This is the third in a series on the Japanese Constitution of 1947. See also the Constitution Series.
The Constitution took effect on May 3, 1947 and is still in effect today. As we approach the 70th anniversary of its enactment, we’ll share with you materials from the Prange Collection related to the drafting of the Constitution, its enactment, reactions of the Japanese, and observances of Constitution Day.
On April 26, 1948, Yomiuri Shimbun submitted an article entitled “It is one year since the new Constitution was established. It takes all sorts to make up a world” to the Civil Censorship Detachment (CCD). (Prange Call No. 48-loc-0894) The article examines legal actions taken as a result of the new Constitution, such as the increase in divorces on the basis of Article 14 (all people are equal under the law) and Article 24 (the equality of husband and wife in marriage). Some of the specific reasons given for pursuing a divorce included, “…my wife is a late riser and hysteric” and “I married my husband on condition that we lived in couples (sic). However, I found a father-in-law, mother-in-law and 5 sisters-in-law in the house. I want to divorce my husband and to get isolation.” The article also notes that there was an increase in immoral behavior, “As a result of misunderstanding of respect of people’s rights…” and an increase in criminal behavior, as well. This put a strain on the newly reformed police system. A passage critiquing the police system was marked for deletion. The CCD documents are below.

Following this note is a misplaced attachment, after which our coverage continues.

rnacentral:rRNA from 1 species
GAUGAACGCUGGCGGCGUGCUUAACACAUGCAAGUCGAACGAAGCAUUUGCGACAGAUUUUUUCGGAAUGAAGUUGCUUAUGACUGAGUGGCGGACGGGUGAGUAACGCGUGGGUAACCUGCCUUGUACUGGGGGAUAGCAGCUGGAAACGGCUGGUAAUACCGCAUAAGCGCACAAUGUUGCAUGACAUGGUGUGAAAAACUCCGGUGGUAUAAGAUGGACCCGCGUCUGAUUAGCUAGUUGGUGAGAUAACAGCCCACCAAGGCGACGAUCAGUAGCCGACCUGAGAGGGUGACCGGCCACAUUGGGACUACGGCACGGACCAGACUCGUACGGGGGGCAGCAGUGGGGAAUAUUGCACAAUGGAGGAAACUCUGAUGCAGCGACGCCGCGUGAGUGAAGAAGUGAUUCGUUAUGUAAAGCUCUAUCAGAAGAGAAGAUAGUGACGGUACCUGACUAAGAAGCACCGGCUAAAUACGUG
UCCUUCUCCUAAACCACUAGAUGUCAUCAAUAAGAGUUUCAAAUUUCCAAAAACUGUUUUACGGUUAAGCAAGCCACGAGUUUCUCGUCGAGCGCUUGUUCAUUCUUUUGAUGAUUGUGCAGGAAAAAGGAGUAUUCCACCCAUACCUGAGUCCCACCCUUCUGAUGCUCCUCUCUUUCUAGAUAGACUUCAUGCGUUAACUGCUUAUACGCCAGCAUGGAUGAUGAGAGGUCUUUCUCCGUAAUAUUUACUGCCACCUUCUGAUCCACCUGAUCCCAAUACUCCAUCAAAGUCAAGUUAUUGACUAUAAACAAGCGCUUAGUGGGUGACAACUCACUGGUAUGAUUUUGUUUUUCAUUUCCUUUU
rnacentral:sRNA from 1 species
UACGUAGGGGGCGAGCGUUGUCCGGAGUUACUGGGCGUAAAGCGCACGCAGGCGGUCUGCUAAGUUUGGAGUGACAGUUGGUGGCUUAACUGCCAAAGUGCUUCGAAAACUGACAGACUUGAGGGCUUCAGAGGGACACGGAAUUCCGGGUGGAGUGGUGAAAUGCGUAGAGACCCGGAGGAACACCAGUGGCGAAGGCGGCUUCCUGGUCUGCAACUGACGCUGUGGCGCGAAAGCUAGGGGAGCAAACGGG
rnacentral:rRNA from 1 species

The Japanese galley proof is available onsite in the Prange Collection and onsite at the National Diet Library of Japan (NDL) through NDL’s Digital Collection.